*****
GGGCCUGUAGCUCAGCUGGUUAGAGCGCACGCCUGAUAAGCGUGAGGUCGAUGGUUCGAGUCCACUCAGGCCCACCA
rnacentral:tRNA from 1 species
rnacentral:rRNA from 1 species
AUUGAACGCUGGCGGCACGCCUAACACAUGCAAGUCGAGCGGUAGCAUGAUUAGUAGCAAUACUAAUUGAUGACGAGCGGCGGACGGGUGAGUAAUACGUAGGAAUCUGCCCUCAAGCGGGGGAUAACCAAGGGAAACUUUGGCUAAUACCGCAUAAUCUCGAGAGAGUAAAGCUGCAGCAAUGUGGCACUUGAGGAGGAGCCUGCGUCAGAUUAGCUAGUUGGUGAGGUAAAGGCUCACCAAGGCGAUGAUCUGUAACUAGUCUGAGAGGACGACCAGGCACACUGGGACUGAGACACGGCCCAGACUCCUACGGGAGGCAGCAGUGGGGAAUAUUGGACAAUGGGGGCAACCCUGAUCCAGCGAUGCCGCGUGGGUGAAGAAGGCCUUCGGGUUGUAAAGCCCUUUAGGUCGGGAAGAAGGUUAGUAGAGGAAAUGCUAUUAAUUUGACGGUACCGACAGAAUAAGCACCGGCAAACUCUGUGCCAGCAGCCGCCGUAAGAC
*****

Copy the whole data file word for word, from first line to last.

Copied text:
GGGCCUGUAGCUCAGCUGGUUAGAGCGCACGCCUGAUAAGCGUGAGGUCGAUGGUUCGAGUCCACUCAGGCCCACCA
rnacentral:tRNA from 1 species
rnacentral:rRNA from 1 species
AUUGAACGCUGGCGGCACGCCUAACACAUGCAAGUCGAGCGGUAGCAUGAUUAGUAGCAAUACUAAUUGAUGACGAGCGGCGGACGGGUGAGUAAUACGUAGGAAUCUGCCCUCAAGCGGGGGAUAACCAAGGGAAACUUUGGCUAAUACCGCAUAAUCUCGAGAGAGUAAAGCUGCAGCAAUGUGGCACUUGAGGAGGAGCCUGCGUCAGAUUAGCUAGUUGGUGAGGUAAAGGCUCACCAAGGCGAUGAUCUGUAACUAGUCUGAGAGGACGACCAGGCACACUGGGACUGAGACACGGCCCAGACUCCUACGGGAGGCAGCAGUGGGGAAUAUUGGACAAUGGGGGCAACCCUGAUCCAGCGAUGCCGCGUGGGUGAAGAAGGCCUUCGGGUUGUAAAGCCCUUUAGGUCGGGAAGAAGGUUAGUAGAGGAAAUGCUAUUAAUUUGACGGUACCGACAGAAUAAGCACCGGCAAACUCUGUGCCAGCAGCCGCCGUAAGAC